There are lots of questions to ask Theresa May, prime minister and leader of the Conservative party, as we hurtle towards a general election and a Brexit, be it hard, soft, lumpy or whatever. And LBC’s Nick Ferrari did ask them when he sat down with May for a 25-minute interview yesterday, but first (as in THE VERY FIRST QUESTION HE ASKED), he touched on motherhood and the fact that Theresa May is not a mother. She is the prime minister, which is pretty remarkable whichever way you look at it, but Ferrari began by noting that she is not a mother.
“What has the impact been on you that you’ve not had children and how might Theresa May have been a different woman had she had children?” Ferrari asks, his tone measured, as if this is not an incredibly invasive and ultimately useless question, but a run-of-the-mill query.
It feels wrong, almost, to listen to 60-year-old May, who remains open but self-possessed, because this is a personal question that’s wholly irrelevant
Sensibly, Theresa May begins her answer by noting that “I think it’s impossible to answer the question about how I would have been had I done.” And, as she she strains to fit all those modal verbs into one sentence, most women listening are sympathetic. Because they know, especially if they have experienced fertility issues, what it’s like to carry around the possibility of motherhood, to negotiate questions that can be as intrusive and stinging as little darts. May carries on: “It’s been very sad; it’s just turned out not to be possible for us. Of course, we’re not the only couple who finds themselves in that situation and, when you do, I suppose you just get on with life. And, you know, we’ve got nephews and nieces.”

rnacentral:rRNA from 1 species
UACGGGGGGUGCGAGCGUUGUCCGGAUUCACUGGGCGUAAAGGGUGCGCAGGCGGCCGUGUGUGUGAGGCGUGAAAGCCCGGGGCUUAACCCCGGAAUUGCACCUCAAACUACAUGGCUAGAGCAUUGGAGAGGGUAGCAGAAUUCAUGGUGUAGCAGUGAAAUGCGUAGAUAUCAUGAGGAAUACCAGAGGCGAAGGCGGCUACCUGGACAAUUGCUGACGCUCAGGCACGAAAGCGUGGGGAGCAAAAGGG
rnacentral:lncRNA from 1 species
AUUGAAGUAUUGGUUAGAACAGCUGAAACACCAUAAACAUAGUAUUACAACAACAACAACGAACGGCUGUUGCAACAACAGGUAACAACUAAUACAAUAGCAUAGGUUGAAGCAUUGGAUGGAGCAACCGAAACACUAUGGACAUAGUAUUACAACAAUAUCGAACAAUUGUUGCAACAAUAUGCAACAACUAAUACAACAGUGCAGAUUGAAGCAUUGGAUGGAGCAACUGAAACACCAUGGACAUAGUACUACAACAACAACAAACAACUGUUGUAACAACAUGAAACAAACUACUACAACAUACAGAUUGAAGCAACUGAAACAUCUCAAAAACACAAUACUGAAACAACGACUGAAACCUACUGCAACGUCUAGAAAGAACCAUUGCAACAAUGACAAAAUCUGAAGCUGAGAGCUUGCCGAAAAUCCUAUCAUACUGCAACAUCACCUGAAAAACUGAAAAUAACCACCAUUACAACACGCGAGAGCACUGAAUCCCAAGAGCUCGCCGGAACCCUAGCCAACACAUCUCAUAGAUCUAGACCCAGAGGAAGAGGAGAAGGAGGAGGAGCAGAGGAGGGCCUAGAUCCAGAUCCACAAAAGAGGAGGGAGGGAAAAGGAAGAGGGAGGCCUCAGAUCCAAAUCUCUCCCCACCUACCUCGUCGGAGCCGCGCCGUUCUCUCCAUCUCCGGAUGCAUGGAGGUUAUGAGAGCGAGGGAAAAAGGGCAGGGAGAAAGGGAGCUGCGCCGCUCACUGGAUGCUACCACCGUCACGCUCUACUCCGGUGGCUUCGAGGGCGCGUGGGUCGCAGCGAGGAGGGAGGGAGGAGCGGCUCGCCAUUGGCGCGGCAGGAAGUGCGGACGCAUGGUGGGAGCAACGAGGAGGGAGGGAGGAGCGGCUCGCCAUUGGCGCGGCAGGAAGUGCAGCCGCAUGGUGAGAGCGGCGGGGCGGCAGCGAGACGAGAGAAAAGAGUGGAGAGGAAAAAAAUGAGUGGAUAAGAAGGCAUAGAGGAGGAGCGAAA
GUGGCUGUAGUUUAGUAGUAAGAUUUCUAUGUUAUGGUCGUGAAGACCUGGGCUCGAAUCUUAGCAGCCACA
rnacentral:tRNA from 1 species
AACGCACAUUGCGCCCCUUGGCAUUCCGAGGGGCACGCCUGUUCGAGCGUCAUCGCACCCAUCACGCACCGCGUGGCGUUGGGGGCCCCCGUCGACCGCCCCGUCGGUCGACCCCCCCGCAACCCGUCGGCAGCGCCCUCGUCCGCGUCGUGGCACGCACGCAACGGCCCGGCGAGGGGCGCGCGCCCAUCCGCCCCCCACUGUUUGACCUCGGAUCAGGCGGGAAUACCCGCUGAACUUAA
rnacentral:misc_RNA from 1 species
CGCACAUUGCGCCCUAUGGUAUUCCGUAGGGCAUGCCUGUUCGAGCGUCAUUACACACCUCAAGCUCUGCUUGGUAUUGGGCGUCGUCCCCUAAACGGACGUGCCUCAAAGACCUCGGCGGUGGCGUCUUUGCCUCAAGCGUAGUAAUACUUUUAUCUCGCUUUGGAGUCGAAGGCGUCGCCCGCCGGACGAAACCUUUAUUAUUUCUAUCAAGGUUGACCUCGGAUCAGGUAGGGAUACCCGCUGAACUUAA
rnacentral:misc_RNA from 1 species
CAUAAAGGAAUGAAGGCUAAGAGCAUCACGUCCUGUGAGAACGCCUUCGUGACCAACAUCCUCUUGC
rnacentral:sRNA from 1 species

It feels wrong, almost, to listen to 60-year-old May, who remains open but self-possessed, because this is a personal question that’s wholly irrelevant, but soon Ferrari interrupts. “Yes, yes, so you have,” he blusters. “But do you think that you would have been able to apply yourself? Because I read that you are one of the hardest-working prime ministers we’ve ever had. Would you have been able to have that much time if you were a mum, too?”
And it’s at this point that those of us who are not as “strong and steady” as our prime minister might be tempted to tell Ferrari to eff off. Because, truly, Nick Ferrari, would you ask that of a man?
There are interesting and important conversations to be had about how we combine work and family life, be we men or women – we know that our economy and our society would benefit from a system that offers greater support to parents who work. We are aware that Merkel, Sturgeon and May are all women who don’t have children. And we need to talk about the way in which we hold women back – who do or don’t have children – but to presume that it’s the responsibility of the new prime minister, simply because she is a woman, smacks of sexism.